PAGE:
The challenges in this scenario include:

  1. Understanding that silence is not the same as inaction
  2. Discerning whether the person needs more time or whether she is stalling
  3. Determining and giving enough of a lead time to get things accomplished
  4. Knowing when to ask for an update and when to pursue another course of action

If you develop a professional or personal relationship with someone who does not need multiple requests, be patient and respect her timing.

8. Do It Together

Rather than asking a co-worker, friend, or fellow volunteer to complete a project in isolation, work together. Consider using this approach:

  • Set aside a specific date, time, and place to start and finish the project
     
  • Identify and remove any obstacles to successful completion before your get-together
     
  • Bring snacks and drinks
     
  • While you work, learn what motivates, inspires, encourages, discourages, frustrates, and inspires her
     
  • Deal with concerns and answer questions as you work through the project
     
  • Celebrate after the project is complete

9. Do the Legwork

You may need someone to make a decision, complete a form, approve a payment, or take an action that you are not authorized to do. Instead of nagging them to do multiple tasks leading up to the critical one, handle the behind-the-scenes duties.

For example, you might present all the relevant information needed to make a purchase decision, enter information that you have already, or confirm that an invoice is accurate. Explain the background research and ask for the single action needed to complete the process.

10. Let Consequences Happen

If you are a parent, you nag your child (or the child feels as if you are nagging) because you can clearly see the consequences of the child’s inertia whereas your child doesn’t seem to understand what could happen as the result of her negligence.

A great way for a child to learn about consequences is to experience them firsthand. However, drawbacks to this approach include:

  1. The long-term nature of consequences prevent your child from experiencing negative impact within a reasonable time frame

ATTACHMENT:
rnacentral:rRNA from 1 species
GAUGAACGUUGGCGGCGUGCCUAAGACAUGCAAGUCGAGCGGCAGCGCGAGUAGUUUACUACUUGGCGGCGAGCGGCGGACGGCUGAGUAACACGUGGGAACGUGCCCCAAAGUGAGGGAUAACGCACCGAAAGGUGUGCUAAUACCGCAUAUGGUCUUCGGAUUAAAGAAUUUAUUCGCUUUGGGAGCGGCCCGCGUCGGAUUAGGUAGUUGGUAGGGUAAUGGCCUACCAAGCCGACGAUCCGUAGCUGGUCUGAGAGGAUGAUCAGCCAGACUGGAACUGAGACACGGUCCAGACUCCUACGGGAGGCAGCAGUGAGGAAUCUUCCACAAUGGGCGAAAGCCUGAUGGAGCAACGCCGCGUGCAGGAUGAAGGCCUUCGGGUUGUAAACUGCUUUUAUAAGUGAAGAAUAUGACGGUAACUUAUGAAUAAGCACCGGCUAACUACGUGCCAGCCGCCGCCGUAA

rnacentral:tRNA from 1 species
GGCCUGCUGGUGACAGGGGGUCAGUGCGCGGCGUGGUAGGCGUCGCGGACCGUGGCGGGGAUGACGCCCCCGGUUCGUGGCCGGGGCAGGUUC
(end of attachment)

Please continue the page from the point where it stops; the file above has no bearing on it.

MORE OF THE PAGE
2. Other people hold you accountable for your child’s actions, so you experience consequences, not your child
     
  3. The consequences seem, well, inconsequential to her despite being monumental to you

Still, sometimes the best thing to do instead of nagging is to let your child experience the consequences of her actions. For example, if she doesn’t remember to do her homework or she does the homework but doesn’t turn it in, then let her get the bad grade or explain to her teacher why she is turning in things late. Many children quickly figure out a way to get things done without parental prodding when they are held accountable.

11. Show Appreciation Rather Than Annoyance

Sometimes a person doesn't do a certain thing because she feels that no matter what she does, you won’t be satisfied. Worse, she may think that you’ll demand more if she complies with your wishes.

Tell her you appreciate what she has have done in the past. Name specific actions that you noticed. Don't manipulate her to get what you want but express genuine gratitude for her efforts, talents, and successes.

If she feels appreciated and not pressured (and you readily accept "no" in reply to your requests), her positive responses are likely to reflect true interest in and commitment to your projects, needs, etc. and not just a way to quiet you for a while.

12. Let It Go